Each of these factors has social and/or legal implications. A number of negative side effects of free transferability must be considered. To the extent possible, these effects should be reduced with as little infringement on transferability as possible, to minimize the economic losses involved. These side effects will differ from one fishery to another, and they should be analyzed in the context of each fishery to design the most appropriate program.
Transferability of IFQs has two main, and related, economic purposes:
At this point, a short remark on item (2) is appropriate. It is sometimes alleged that those who are willing to pay the highest price for quotas are the ones with the easiest access to capital. In efficiency terms, this is not a negative factor; there is often a strong relationship between having access to capital and being able to utilize quotas efficiently. The value of quotas as investment objects derives from the ability to use them for generating net profits from fishing. To achieve a return on investment in a high-priced quota, the quota holder will have to use it efficiently himself or to lease it to someone who can do so. It is not likely, however, that persons or financial institutions will invest their money in quotas unless they can be assured of a reasonable return on their investment, which again would contribute to greater economic efficiency in the fishing industry.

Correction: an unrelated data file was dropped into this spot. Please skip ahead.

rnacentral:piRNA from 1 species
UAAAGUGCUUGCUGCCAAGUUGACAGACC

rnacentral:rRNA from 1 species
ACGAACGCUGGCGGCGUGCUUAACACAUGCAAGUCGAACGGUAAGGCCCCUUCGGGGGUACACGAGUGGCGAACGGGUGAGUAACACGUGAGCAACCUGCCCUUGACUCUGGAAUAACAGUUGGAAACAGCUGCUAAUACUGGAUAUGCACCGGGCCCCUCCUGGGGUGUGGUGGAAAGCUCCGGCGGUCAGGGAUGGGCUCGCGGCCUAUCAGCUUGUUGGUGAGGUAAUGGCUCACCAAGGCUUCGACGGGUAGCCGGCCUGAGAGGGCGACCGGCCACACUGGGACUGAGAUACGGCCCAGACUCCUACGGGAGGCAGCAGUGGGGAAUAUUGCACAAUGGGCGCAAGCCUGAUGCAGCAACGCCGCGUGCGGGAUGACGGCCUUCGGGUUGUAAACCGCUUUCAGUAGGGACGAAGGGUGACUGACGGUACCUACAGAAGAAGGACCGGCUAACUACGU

In addition to achieving greater economic efficiency, transferability is also intended to mitigate imbalances that may occur in the initial allocation. For example, although crew members did not receive initial allocations of IFQs in the Alaskan IFQ fisheries, they now own 11.2% of the halibut quota share and 4.6% of the sablefish quota share. This would not have been possible without transferability.